Make sure you read the labels of your supplements to see how these nutrients interact with each other. Too much of some will lock out others. Calcium and nitrogen will decrease the absorption of potassium, for example. Just be sure not to use too much of something without a full understanding of what it does.
With potentially deadly consequences and a higher chance of appearing in the flowering stage, a potassium deficiency can be dangerous. Make sure you’re prepared to prevent and even solve it if a deficiency arises.
The appearance of spots on the leaves will be the symptom to follow. Firstly, you’ll see those necrotic spots characterised by their brown tonality. Left untreated, more spots will begin to show. This time with chlorotic ones, characterised by a white colour. The veins of the leaves will keep their green colour, unlike many deficiencies. What you’ll notice shifting colour are the petioles and stems, now showing red tones.
In case lights are not the problem, the deficiency might be caused by an excess of fertilizers and nutrients. Excess salt is especially common as it tends to build up in the growing medium.
You might also be overwatering your plant. Proper watering practices will go a long way in keeping a plant healthy. The method and frequency with which you water will impact your future buds massively. Don’t overlook this.
When plants suffer from a nutrient deficiency, they are weak and have little resistance to disease. This is why it’s important to know how to detect and fix the deficiency in time. Potassium is essential for terpene production. If not enough is supplied, your buds will lack flavour and smell. The flowering stage is where you’ll most likely face a deficiency like this.
Before implementing any changes to your grow medium or watering solution, take a look at your lights. With strong LED and HPS grow lights, you might be overheating the leaves. These will show burn symptoms even if the overall temperature is cool. Just make sure you check for this first. Move your plants further away from the lights for a couple of days to determine the root of the issue.
Nutrient lockout is a very common cause of most deficiencies. When the pH of the soil is too low, it makes the medium too acidic. This causes stress in the root zone and prevents the uptake of potassium. How can you stop this?
Deficiencies do happen in soil and other mediums every so often. The most common symptom you’ll notice is a brown or yellow colouring in the tips and edges of the leaves. With the passing of time, these will curl up, appearing burnt – much like an iron deficiency. Another thing that will raise suspicion is stretching. If one plant seems to be taller than the others around it, it’s not a good sign as this weakens the stems.
Nutrient deficiencies are a very common problem amongst growers. This one, however, might have dangerous consequences if not taken care of in a timely manner.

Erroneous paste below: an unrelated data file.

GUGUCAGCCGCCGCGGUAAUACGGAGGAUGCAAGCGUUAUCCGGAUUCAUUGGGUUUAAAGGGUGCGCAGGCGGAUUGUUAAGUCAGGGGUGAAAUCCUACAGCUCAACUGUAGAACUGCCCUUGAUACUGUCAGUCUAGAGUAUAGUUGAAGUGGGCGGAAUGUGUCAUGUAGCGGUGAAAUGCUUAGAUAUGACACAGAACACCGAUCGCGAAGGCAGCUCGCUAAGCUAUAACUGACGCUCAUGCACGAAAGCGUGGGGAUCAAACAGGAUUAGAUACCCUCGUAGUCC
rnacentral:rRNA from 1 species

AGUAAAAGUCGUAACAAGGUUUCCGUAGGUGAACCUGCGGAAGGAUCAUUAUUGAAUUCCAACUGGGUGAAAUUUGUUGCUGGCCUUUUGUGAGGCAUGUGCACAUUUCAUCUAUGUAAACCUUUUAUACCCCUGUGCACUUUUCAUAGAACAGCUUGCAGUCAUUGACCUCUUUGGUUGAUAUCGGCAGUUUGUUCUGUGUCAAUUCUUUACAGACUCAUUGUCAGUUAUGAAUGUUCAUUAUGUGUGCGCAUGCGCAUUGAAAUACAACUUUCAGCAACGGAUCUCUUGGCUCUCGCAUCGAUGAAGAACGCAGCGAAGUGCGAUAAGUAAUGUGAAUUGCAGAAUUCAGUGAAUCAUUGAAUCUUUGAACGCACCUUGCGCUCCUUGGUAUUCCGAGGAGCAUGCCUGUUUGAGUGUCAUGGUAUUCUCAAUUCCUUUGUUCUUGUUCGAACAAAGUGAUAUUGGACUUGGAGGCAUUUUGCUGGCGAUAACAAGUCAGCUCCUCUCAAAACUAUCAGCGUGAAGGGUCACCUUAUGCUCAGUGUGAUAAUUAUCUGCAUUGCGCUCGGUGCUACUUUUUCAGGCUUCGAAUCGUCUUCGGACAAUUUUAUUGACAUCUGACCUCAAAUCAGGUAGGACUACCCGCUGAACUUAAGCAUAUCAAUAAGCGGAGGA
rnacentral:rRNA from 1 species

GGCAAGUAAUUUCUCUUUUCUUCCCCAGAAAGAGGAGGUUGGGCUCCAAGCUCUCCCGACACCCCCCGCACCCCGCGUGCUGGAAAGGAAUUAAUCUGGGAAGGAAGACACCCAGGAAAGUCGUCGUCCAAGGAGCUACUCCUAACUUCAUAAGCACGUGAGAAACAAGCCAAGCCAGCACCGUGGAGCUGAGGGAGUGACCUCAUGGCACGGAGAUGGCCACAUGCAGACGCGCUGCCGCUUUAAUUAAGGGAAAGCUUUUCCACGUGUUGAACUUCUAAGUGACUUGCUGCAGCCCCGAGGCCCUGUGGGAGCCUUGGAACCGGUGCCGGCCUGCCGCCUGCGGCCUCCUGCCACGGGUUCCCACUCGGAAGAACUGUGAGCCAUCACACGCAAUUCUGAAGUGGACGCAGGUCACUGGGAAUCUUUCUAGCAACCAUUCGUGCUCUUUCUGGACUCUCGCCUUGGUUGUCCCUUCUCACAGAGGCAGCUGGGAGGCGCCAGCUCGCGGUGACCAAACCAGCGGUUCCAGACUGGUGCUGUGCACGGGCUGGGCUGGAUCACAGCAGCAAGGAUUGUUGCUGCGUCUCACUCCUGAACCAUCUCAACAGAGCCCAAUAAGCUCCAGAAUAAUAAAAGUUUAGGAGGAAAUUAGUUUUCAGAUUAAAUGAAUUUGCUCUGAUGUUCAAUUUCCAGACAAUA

Potassium, is the “K” in your N/P/K Ratio. Like Nitrogen and Phosphorous, it is known as a “Macro nutrient”, and is one of the three main elements needed in plant growth. Here will will discuss Potassium Excess, this is when your plant has too much Potassium.
Too much potassium can cause the plant to have “lock out”. This will stop the plant from eating other vital elements, and other deficiencies will soon show. If not solved quickly, it can have a lasting effect on your harvest.
Potassium helps the pores of the plant open and close, which essentially, allows it to sweat and breathe. It is also responsible for the production of many enzymes the plant needs to grow. With out it, the plant would not be able to produce the starches needed for photosynthesis.
Because Potassium excess will cause lock out of other nutrients, it can be wrongly diagnosed. Look at out for the top leaves growing thin blades. Middle leaves will develop burn around their tips. Flowering will be slow to start, and flower growth will be diminished.
It will be harder to remove any element in soils than it would be in hydro or coco, as the drainage isn’t so good and you can risk over watering your plants. It is best to do one big flush, to remove as much as possible from the medium. After the flush, let the soil dry out until the pot is light before watering again.
If you think your plant is suffering from Potassium Excess, then feel free to ask for help in our cannabis growers forum
Once you have flushed, or removed your old reservoir, feed your plants again, at half of their usual EC. This will restore their colour, to a healthier shade of green, within a few days. But any damaged or burnt leaves will not fully recover.
Flushing your medium, with plain, PH’d water, is always a good way to reduce the amount of any nutrient in your medium.
If you don’t have an EC meter, and you’re growing in hydro or coco, you will need one! If you would like to know what your plant is eating, you need a good reliable EC meter.
Pottasium Excess can be confused for other plant problems. It is tricky to diagnose. Have a look at Percys Grow Guide, to help diagnose, correctly.